Target for increased regulation

The concern, Jack says, is that the clampdown on underage drinking will make pubs a target for increased regulation next year, which will have an impact on investors' attitudes: "The pub sector has to get its act together rapidly on this underage drinking situation," says Jack.

At Altium Securities, analyst Wayne Brown agrees that consolidation to take out

competition and reduce costs is going to be an increasing theme post-reform. "You have a market that is mature, a congested high street, and there are more cost pressures coming down the line, especially utility and energy

pressures," he says.

However, like other analysts, Brown

believes the two most important trends in the pub market are nothing to do with licensing reform but the growth in food in pubs and the future smoking ban in England and Wales: "The beer market, especially the ale market, is in terminal decline and with the smoking ban coming in next year, that's where the industry is really focusing.

"You've got a lot more gastropubs these days, and companies such as JD Wetherspoon and Mitchells & Butlers, probably the two prime examples of how they've driven food sales in their estates successfully, are capitalising on this trend."

Peter Brook, the formed chief executive of the pub company InnSpired, who is now working as a consultant to the City firm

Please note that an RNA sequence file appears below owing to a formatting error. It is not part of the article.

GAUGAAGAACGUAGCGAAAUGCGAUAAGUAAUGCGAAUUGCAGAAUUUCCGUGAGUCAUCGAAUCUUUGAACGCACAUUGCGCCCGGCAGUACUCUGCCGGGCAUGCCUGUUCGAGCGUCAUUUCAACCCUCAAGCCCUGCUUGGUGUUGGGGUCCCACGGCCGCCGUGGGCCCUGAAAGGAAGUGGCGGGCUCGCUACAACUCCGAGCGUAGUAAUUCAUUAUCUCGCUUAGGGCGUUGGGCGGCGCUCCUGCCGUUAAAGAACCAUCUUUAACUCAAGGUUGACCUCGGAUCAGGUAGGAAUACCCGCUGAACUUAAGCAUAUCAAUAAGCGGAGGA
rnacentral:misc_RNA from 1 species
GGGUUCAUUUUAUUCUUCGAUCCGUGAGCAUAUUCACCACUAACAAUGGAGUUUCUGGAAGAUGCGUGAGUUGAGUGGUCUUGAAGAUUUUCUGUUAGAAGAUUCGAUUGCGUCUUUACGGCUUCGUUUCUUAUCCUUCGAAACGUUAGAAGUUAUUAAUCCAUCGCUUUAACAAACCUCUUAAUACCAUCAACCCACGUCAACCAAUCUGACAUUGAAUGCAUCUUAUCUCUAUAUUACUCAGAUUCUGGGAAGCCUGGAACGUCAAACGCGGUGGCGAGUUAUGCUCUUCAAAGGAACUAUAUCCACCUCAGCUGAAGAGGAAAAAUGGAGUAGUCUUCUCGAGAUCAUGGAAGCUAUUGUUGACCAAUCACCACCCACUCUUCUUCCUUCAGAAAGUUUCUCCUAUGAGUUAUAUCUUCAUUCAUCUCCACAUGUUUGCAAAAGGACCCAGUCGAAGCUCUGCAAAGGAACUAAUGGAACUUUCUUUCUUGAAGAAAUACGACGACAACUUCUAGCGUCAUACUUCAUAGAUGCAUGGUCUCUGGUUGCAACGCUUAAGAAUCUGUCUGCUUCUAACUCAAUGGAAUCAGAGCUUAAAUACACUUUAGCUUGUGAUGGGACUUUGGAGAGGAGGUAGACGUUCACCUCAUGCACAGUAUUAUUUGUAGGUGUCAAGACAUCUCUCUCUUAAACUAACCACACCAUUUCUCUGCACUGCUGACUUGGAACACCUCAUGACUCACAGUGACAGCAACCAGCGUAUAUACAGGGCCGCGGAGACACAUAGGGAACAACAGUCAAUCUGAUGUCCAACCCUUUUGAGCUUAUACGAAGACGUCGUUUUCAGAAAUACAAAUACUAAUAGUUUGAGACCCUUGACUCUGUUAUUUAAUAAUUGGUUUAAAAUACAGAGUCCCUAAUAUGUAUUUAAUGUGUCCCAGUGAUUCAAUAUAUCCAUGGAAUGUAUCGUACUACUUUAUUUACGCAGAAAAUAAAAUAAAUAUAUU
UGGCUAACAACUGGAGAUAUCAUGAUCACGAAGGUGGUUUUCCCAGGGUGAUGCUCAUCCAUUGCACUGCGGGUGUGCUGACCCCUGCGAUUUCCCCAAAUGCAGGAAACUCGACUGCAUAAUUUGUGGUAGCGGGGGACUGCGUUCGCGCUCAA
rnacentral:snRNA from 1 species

Dawnay Day Principal Investments over

potential investments in the pub sector, does not disagree that "licensing reform has made little difference.

"In certain sectors of the market, the extra hours opportunity has had an impact - the high street, city centres and so on - but overall I would say the impact has been minimal."

Extra regulatory issues

However, as a representative of a potential

creator of a new pub firm, he does disagree that reform has raised the barriers to entry.

"Day by day there are extra regulatory issues that we have to contend with and I simply view the licensing revision as one of those issues," he says. "It makes it that tiny bit harder for a new Wetherspoons to come along and take premises that were formerly banks or carpet showrooms and turn them into pubs, but I don't think licensing reform has completely eliminated that.

"At the end of the day the opportunity for creating a chain from brand new premises are limited anyway, unless you come up with a tremendous new concept."

Even the most enthusiastic supporters of the impact of reform are unable to say, like

Nigel Parson, leisure analyst at Evolution Securities, that longer licensing hours have been "a little bit better for investors because the pubcos can make more money - which is what the City is interested in.

"Having more flexible hours allows you to pitch your offer to people and keep it relevant. People want to drink a little later on a Friday and Saturday night and pubs can now meet this need. People don't have to go off to other places."

However, Parson says: "There are more interesting topics such as the growth of food and the smoking ban. The ban accelerates trends, that's the important thing about it.

"One of those trends is eating out in pubs, which we see as a long-term growth driver - look at the US stats for eating out, compared to the UK. The food market is growing and the

successful pub evolves to suit the demands and needs of its customers."

Related topics Professional Services & Utilities